Bret Weinstein and his wife Heather Heying, until last year biology faculty at The Evergreen State College—otherwise known as The People’s Democratic College of Evergreen State, or TPDCES—have long departed, hounded out of Olympia, Washington for refusing to comply with black racism, and the school is back to its regressive ways. But, according to a reader who wishes to remain unnamed, there’s a new course in store for the students, one that has the potential to enlighten them. But I’m betting it won’t.
You can click on the title above, or simply read the course description below. I’ve bolded the important parts, especially the last sentence!
“The only way in which a human being can make some approach to knowing the whole of a subject, is by hearing what can be said about it by persons of every variety of opinion, and studying all modes in which it can be looked at by every character of mind” – John Stuart Mill
One purpose of a liberal education is to free or liberate students from narrow perspectives, limited thinking, partisanship, and categorical rhetoric in order to obtain knowledge. Affirmations of absolutes should give way to identification and clarification of ambiguities of complex topics. This can best be achieved in an environment where we are confronted with our preconceived notions of the world and are encouraged to engage in the dialectic: the rational exchange of conflicting ideas in a common pursuit of truth. This demanding work can be challenging in a setting where diverse viewpoints are absent. Lecture, and seminar topics will address the questions of how, when, and why the human mind can be resistant to realities that run counter to strongly held convictions. We will explore how the values that bind us into cohesive groups of like minded people can also blind us to our weaknesses. This interdisciplinary course will draw upon such diverse fields as moral psychology, social science, statistics, and philosophy. We will extensively consult with leading national experts on these topics while using Evergreen as a case study on how colleges and universities might address contentious issues of political diversity, free speech, freedom of thought, and censorship. Students and faculty will begin the quarter by identifying their own personal intuitions on relevant contentious issues. We will then independently examine a controversial question which we feel most certain and passionate about, but from the opposite perspective than we currently possess. In addition, students will individually engage with communities who have identities, values and opinions dissimilar to their own, while reflecting upon these experiences through writing. Through weekly readings, critical thinking skills will be refined through careful quantitative and qualitative examination of evidence while analyzing underlying assumptions and biases. Students will learn to distinguish between conceptual, empirical, and value claims while becoming adept at identifying logical fallacies. As a class we will cultivate virtues of intellectual humility with the primary aim of pursuing knowledge and truth ahead of social and political action. All perspectives on issues are not only welcome, but strongly encouraged. However, students who require “ideological safe spaces” where particular viewpoints are considered offensive may want to seek a different program.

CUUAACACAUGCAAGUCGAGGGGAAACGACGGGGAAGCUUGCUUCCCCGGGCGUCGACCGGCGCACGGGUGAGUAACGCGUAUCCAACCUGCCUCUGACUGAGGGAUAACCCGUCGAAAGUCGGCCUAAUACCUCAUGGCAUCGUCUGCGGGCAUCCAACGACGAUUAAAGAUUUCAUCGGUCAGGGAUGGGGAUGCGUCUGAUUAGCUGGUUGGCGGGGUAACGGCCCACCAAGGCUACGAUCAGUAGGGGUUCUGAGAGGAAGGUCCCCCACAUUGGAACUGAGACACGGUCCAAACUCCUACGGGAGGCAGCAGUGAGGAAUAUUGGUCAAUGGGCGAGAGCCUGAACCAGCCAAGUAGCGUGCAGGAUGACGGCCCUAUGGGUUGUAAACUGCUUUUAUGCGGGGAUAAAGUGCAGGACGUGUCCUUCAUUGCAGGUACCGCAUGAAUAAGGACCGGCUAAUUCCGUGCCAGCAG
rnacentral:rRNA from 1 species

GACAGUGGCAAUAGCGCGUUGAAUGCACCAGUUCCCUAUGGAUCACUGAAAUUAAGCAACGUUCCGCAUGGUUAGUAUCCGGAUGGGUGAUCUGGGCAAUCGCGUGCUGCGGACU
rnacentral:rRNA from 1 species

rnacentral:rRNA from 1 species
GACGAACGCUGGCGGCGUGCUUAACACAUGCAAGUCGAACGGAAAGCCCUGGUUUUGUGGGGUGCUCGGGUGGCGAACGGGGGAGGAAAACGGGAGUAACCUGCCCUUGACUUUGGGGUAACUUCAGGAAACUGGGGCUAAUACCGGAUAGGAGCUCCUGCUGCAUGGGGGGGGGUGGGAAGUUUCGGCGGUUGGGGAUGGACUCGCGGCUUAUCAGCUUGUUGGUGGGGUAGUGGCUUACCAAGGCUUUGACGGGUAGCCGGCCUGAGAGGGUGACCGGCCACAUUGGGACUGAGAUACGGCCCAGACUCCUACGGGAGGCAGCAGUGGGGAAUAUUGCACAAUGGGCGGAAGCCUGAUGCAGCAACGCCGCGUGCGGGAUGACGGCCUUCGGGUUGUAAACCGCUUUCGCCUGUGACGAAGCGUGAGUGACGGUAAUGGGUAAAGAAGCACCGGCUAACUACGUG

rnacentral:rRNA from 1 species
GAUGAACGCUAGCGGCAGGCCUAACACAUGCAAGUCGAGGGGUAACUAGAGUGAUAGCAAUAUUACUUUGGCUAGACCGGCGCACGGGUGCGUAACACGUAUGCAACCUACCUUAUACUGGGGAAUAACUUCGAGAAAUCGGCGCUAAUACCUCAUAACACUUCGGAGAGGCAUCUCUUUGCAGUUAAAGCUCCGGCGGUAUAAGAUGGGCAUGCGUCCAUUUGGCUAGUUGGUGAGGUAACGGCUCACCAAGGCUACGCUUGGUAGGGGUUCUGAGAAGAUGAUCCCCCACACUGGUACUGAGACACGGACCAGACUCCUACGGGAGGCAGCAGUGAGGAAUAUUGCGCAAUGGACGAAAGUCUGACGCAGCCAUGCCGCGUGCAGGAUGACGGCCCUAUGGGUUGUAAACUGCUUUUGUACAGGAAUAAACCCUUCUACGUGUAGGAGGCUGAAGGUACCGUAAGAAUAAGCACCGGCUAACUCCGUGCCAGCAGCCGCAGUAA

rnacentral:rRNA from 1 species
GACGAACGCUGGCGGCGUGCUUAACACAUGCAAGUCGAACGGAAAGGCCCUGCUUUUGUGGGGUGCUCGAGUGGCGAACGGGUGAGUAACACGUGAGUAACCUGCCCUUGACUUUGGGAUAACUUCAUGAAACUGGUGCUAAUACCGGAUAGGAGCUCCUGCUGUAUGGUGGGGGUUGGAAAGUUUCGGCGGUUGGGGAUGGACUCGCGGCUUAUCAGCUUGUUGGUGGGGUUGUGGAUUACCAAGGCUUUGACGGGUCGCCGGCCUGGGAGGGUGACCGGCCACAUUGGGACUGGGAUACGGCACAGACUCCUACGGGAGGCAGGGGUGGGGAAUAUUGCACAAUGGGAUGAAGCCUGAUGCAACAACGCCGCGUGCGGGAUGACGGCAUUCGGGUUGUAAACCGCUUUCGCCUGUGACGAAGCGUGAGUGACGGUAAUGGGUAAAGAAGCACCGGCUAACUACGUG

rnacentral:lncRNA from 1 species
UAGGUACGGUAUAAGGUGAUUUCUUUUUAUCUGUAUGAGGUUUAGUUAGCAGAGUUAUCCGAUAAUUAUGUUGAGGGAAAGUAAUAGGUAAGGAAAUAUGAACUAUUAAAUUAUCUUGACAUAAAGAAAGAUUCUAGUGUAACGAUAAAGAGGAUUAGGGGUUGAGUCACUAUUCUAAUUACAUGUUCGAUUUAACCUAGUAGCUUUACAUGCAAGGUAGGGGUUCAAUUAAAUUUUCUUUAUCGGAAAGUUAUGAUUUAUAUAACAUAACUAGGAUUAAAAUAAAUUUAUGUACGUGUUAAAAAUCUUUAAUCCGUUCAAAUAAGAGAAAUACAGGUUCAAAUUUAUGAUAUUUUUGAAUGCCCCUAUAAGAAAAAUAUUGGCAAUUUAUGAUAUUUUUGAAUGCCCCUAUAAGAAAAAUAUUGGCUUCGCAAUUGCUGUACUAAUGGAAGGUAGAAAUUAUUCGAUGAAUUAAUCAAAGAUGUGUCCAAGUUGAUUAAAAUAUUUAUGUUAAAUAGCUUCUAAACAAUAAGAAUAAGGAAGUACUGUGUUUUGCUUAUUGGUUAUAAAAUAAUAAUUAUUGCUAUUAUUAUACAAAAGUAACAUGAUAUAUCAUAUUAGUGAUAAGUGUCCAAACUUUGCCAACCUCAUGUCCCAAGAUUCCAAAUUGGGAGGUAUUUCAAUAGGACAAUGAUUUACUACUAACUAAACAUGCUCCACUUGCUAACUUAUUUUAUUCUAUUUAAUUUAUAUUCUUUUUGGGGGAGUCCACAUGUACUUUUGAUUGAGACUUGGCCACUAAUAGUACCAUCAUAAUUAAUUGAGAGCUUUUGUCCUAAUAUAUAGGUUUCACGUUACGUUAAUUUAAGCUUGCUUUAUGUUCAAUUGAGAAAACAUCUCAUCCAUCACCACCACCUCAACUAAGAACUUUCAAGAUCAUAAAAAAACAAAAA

How could such a course get into the curriculum at TPDCES? Who on Earth is teaching it?
Well, the listed professor happens to be none other than Dr. Michael Paros, who teaches biology, just like Weinstein and Heying. And he happens to be, as I noted months ago, the only Evergreen faculty member who issued a statement in support of Bret Weinstein (see more here, though the statement isn’t reproduced). Paros said he expected to be called a bigot for supporting Weinstein, but I haven’t followed up on whether that happened.
If anything is tinder for another conflagration at TPDCES, it’s this course. It’s not a science course, so it will be taken by humanities students—the Regressive types. The last sentence is a direct slap in the faces of Regressives, as is the one about how tribal values can blind one to one’s weaknesses! How can the Cultural Revolutionaries stand it? Will Paros be forced to sit in class wearing a paper cone-hat and with a sign of shame around his neck?
More questions: whom will the students seek out having “identities, values, and opinions dissimilar to their own”? Republicans? Poor people? White people? And who will the “national experts” on these topics be? I can think of some: Greg Lukianoff of FIRE, Jonathan Haidt, Nicholas or Erika Christakis from Yale, Jordan Peterson, Weinstein himself or, Ceiling Cat help us, hard-ass conservatives like Ben Shapiro. (I doubt the students could listen to a whole talk by Shapiro without losing it.)
Yes, this could be a great course and an eye-opener for the students, and Paros is clearly offering it because he’s distressed at the thuggery, regressiveness, and close-mindedness of both the faculty and students at TPDCES. I wish him luck, but I have little hope that the students won’t picket this course or try to shut it down. I fear that Paros’s effort is doomed, but I sure hope not.